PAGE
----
John Doe Lawsuits Allege Sexual Abuse by Priests Years Ago

By Joe Lambe
Kansas City Star
February 25, 2008

Two new John Doe lawsuits filed Monday allege that Kansas City priests sexually abused children decades ago.

For the first time, accusations are raised against James Lawbaugh, who left the priesthood 39 years ago. A lawsuit contends he molested a 10-year-old Baptist boy at St. Vincent's Church at 31st Street and Flora Avenue in 1968.

That boy, now 50, says the abuse happened in a short-lived Catholic program for inner-city youths during and after the riots that followed Martin Luther King Jr.'s assassination.

Reached by phone Monday at his Florida home, Lawbaugh denied the allegations.

"Nothing like that happened," he said.

The other lawsuit alleges that Thomas Reardon sexually abused a boy of age 11 or 12 in either 1981 or 1982 at St. Regis School in Kansas City.

This marks the 19th lawsuit filed against Reardon, who is among the most sued priests in Missouri for such cases, said Rebecca Randles, the attorney who filed both suits Monday.

Reardon has denied all such allegations. He declined to comment Monday. His attorney did not return calls for comment.

The Catholic Diocese of Kansas City-St. Joseph also is a defendant in the lawsuits, which claim negligent supervision of the priests.

Rebecca Summers, a diocesan spokeswoman, noted that Reardon has not worked as a priest since 1989. She declined comment on the lawsuits.

"The ongoing goal of the diocese is simple and clear: We pledge to do everything possible to address past acts of abuse and prevent it in the future," she said.

Lawbaugh left the priesthood in 1969 to marry. He was a member of the Vincentians, an order of priests and brothers who teach in universities and serve the poor through parish work and social service agencies.

The Kansas City man who sued him agreed to speak with a reporter on the condition his name not be used.

He said he grew up poor, one of 13 children in a black family with too little food and clothing.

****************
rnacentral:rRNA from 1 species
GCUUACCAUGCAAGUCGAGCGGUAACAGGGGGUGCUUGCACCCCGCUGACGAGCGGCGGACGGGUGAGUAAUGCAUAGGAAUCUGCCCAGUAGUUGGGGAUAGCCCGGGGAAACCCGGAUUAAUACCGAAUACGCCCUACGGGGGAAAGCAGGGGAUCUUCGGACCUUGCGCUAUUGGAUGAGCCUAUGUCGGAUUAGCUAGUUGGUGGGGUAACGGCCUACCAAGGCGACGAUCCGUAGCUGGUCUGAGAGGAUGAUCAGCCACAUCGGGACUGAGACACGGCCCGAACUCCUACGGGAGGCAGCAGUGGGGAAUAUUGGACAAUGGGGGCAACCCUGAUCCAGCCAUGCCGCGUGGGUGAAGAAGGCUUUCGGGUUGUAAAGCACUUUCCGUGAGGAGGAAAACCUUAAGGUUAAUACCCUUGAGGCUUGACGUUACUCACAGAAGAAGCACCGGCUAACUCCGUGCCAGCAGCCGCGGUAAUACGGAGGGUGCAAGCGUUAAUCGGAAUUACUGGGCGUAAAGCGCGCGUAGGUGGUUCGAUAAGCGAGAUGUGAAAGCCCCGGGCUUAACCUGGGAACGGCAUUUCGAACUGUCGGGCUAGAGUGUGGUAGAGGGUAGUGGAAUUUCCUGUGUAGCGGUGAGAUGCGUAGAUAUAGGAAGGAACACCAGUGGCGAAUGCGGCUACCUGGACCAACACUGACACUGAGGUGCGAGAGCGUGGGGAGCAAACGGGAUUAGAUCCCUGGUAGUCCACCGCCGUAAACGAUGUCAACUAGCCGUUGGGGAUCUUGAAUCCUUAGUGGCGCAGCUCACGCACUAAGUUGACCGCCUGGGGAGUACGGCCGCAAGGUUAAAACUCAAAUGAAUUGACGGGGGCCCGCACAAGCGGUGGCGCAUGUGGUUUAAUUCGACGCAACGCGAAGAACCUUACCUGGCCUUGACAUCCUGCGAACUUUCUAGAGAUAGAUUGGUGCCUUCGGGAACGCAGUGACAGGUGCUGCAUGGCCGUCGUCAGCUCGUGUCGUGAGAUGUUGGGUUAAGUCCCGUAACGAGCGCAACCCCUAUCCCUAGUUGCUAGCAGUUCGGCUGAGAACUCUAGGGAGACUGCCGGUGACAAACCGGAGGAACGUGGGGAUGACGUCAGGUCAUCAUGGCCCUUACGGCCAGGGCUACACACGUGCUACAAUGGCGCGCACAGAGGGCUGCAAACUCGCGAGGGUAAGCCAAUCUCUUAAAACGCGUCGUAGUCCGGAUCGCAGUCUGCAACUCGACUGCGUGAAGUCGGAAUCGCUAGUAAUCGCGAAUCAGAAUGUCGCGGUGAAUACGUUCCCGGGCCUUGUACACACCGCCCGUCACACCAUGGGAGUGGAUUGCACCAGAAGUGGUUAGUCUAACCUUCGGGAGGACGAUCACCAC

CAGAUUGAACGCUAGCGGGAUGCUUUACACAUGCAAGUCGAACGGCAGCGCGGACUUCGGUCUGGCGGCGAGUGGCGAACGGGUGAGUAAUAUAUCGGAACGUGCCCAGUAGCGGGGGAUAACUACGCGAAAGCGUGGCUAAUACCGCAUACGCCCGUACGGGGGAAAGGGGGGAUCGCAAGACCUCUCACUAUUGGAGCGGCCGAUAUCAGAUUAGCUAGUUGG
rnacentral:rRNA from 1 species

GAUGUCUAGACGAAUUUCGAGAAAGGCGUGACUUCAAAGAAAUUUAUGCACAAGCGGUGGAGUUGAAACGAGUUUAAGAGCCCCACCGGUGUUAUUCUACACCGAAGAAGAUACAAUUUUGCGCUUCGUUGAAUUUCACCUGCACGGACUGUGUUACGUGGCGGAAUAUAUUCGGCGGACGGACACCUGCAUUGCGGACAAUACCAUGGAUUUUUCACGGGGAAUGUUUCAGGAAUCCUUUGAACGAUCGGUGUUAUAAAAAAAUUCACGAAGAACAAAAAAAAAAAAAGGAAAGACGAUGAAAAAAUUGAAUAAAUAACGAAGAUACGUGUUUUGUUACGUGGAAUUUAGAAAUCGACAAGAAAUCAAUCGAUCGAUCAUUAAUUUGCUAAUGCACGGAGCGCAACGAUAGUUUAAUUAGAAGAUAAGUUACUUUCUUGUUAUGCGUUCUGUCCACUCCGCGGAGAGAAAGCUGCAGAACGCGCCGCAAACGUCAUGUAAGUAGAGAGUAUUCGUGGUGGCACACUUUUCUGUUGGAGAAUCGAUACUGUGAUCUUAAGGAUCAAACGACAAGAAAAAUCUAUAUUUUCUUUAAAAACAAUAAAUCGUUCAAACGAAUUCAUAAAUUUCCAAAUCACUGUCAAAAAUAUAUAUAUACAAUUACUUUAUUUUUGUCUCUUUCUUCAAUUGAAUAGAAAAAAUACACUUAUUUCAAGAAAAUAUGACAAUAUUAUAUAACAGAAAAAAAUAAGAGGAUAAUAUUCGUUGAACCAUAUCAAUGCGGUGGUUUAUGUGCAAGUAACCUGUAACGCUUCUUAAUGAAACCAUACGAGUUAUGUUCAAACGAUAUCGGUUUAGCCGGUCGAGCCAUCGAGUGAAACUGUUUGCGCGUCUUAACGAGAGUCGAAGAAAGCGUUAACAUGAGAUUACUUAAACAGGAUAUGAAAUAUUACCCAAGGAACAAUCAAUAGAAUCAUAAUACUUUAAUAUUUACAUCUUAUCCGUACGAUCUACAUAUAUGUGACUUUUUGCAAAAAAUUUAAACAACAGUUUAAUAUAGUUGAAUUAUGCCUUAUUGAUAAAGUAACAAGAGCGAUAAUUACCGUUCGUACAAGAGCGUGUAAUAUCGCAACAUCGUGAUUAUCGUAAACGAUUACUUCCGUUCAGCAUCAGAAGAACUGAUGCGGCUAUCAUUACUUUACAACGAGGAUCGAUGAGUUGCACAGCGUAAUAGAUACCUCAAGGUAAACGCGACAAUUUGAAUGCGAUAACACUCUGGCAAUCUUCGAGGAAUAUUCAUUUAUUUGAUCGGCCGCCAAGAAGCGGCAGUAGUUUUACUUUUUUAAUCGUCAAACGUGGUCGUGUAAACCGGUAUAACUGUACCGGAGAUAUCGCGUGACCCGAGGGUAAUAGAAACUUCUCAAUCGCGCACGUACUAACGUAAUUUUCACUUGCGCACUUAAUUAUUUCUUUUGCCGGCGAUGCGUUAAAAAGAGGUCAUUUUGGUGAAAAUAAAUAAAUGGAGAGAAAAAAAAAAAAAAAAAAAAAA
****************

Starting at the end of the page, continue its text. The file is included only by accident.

In the months during and after the riots, he and his siblings participated in a Catholic program that included free lunches and occasional treats, he said.

Lawbaugh took them horseback riding, swimming and to movies, and oversaw them on the playground, the man said.

The lawsuit alleges that at some point Lawbaugh began abusing the boy sexually, with the abuse lasting about a year.

Lawbaugh behaved as though the abuse were normal, the lawsuit says, and suggested that he was "providing spiritual counseling, comfort, mentoring and advice to plaintiff."

John Doe says that not long afterward, he started using drugs and alcohol and developed lifelong substance abuse problems that sent him to prison and helped end two marriages.

He said he saw Randles' name in a newspaper article about priest sex abuse and decided to tell someone for the first time what happened.

Lawbaugh said he does not remember the program the plaintiff describes.

"I never, never abused a child at all," he said.

After marrying, Lawbaugh had two sons and earned a master's degree in business, he said. He worked in jobs that involved Boston community action programs, Massachusetts vocational education work and sales before moving to Florida to care for his aging parents, he said.

John Doe is asking other victims to come forward.

Lawbaugh said, "There's nothing on my conscience to cause me to worry."

To reach Joe Lambe, call 816-234-4314 or send e-mail to


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